A writer/director with finesse, Cameron Crowe (1957-), born on this day in Palm Springs, California, was a self-described "predominately accelerated child" who began writing for Rolling Stone magazine at age 16.
His mom was a teacher at San Diego City College and Crowe recalled that she urged him forward with optimism, saying: "Be positive, be positive. It's rough out there, but don't succumb. Don't succumb to the cynicism in the world."
Good advice, indeed.
With passion, Crowe poured his heart into the autobiographical film Almost Famous (2000), a coming-of-age story which chronicled his "honest and unmerciful" gig as a rock journalist.
"I was just overjoyed to have a front-row seat," he recalled. The film's screenplay won him an Academy Award.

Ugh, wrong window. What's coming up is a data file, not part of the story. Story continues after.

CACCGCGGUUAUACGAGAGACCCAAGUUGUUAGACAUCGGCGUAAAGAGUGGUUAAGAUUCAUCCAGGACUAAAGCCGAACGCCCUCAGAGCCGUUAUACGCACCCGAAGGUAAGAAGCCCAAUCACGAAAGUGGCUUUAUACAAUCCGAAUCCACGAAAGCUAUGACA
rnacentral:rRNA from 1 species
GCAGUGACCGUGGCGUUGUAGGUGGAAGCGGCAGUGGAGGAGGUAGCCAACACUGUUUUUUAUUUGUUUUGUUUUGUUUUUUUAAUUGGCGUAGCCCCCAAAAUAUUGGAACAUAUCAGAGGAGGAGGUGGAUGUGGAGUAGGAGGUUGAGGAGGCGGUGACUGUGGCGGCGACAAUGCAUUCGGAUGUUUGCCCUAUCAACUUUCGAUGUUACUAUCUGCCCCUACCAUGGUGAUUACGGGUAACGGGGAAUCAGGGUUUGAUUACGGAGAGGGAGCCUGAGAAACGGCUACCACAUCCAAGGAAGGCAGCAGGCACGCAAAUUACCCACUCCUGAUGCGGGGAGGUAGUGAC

Married to Heart singer Nancy Wilson, who he called "my incredible wife and collaborator," Crowe said, "I married a musician, music is everywhere I turn, thankfully."
Given his talent, Crowe is one of the few director's in Hollywood with final cut approval. With unique vision and quirky originality, just a few of his successful films include Fast Times at Ridgemont High (1982), Say Anything (1989), and Jerry Maguire (Tom Cruise, 1996), and Elizabethtown (2005).
In 1997, Crowe took several months to write the critically acclaimed Conversations with Wilder, a fascinating collection of interviews with legendary director Billy Wilder.
More Film-Making Quotations
Show a little finesse.